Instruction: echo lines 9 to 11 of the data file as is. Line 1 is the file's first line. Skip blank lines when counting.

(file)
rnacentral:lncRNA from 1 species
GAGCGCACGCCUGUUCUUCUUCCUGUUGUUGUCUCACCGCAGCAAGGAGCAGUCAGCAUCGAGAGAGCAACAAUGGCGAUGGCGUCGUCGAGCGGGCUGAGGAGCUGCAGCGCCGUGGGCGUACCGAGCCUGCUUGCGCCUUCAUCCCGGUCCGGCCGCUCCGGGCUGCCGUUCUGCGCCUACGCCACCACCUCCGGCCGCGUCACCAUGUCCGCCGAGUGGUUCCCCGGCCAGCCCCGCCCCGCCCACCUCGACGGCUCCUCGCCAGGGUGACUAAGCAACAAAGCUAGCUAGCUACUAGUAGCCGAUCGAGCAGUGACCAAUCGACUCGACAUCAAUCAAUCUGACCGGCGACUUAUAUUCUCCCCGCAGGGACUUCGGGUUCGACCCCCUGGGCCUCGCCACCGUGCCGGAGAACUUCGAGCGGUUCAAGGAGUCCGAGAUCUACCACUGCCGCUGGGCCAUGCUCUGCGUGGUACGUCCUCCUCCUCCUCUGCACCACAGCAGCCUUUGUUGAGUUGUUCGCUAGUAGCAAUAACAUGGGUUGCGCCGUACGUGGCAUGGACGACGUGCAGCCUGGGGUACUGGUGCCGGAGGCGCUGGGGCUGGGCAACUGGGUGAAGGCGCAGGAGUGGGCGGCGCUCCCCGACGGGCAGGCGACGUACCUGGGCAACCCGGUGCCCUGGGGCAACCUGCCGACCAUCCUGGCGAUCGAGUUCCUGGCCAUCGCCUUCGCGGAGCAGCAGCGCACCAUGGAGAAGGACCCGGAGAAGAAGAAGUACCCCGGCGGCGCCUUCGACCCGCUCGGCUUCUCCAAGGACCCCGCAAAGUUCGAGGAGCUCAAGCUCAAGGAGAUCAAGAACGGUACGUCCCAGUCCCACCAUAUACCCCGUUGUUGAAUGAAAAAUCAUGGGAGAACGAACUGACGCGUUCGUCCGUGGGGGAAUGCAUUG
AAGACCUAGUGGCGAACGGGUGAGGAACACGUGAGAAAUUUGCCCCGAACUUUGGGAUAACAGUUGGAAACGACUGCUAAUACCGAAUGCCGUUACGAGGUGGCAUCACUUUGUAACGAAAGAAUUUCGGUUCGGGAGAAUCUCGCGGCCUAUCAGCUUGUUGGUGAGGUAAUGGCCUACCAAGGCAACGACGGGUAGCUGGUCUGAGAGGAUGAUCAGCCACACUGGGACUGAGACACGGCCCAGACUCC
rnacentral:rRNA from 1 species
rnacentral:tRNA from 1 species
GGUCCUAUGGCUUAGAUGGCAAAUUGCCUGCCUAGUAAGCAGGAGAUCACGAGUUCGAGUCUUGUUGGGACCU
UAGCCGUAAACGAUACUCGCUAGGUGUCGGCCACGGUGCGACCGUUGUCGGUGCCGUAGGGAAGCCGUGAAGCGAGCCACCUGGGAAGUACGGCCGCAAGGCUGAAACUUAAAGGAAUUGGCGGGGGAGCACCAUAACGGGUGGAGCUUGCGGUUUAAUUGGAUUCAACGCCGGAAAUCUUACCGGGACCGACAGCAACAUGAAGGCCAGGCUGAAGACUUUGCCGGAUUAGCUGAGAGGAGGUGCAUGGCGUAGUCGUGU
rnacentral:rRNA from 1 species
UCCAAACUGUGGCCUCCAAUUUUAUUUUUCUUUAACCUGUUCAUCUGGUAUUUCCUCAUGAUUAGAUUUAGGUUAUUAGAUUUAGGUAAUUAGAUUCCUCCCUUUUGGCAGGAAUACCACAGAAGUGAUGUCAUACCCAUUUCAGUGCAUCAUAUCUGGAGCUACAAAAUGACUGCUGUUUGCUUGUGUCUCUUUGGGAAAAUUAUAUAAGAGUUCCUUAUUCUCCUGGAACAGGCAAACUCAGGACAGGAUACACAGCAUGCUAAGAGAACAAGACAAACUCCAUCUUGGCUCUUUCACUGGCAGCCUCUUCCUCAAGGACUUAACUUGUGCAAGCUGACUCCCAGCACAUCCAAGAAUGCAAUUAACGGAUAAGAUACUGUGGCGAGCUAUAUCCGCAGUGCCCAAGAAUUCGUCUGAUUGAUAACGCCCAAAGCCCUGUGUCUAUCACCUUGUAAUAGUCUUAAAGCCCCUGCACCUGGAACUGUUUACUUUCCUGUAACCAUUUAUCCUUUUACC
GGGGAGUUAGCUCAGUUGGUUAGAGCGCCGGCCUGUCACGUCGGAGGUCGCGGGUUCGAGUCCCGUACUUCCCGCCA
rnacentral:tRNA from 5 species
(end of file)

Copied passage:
UCCAAACUGUGGCCUCCAAUUUUAUUUUUCUUUAACCUGUUCAUCUGGUAUUUCCUCAUGAUUAGAUUUAGGUUAUUAGAUUUAGGUAAUUAGAUUCCUCCCUUUUGGCAGGAAUACCACAGAAGUGAUGUCAUACCCAUUUCAGUGCAUCAUAUCUGGAGCUACAAAAUGACUGCUGUUUGCUUGUGUCUCUUUGGGAAAAUUAUAUAAGAGUUCCUUAUUCUCCUGGAACAGGCAAACUCAGGACAGGAUACACAGCAUGCUAAGAGAACAAGACAAACUCCAUCUUGGCUCUUUCACUGGCAGCCUCUUCCUCAAGGACUUAACUUGUGCAAGCUGACUCCCAGCACAUCCAAGAAUGCAAUUAACGGAUAAGAUACUGUGGCGAGCUAUAUCCGCAGUGCCCAAGAAUUCGUCUGAUUGAUAACGCCCAAAGCCCUGUGUCUAUCACCUUGUAAUAGUCUUAAAGCCCCUGCACCUGGAACUGUUUACUUUCCUGUAACCAUUUAUCCUUUUACC
GGGGAGUUAGCUCAGUUGGUUAGAGCGCCGGCCUGUCACGUCGGAGGUCGCGGGUUCGAGUCCCGUACUUCCCGCCA
rnacentral:tRNA from 5 species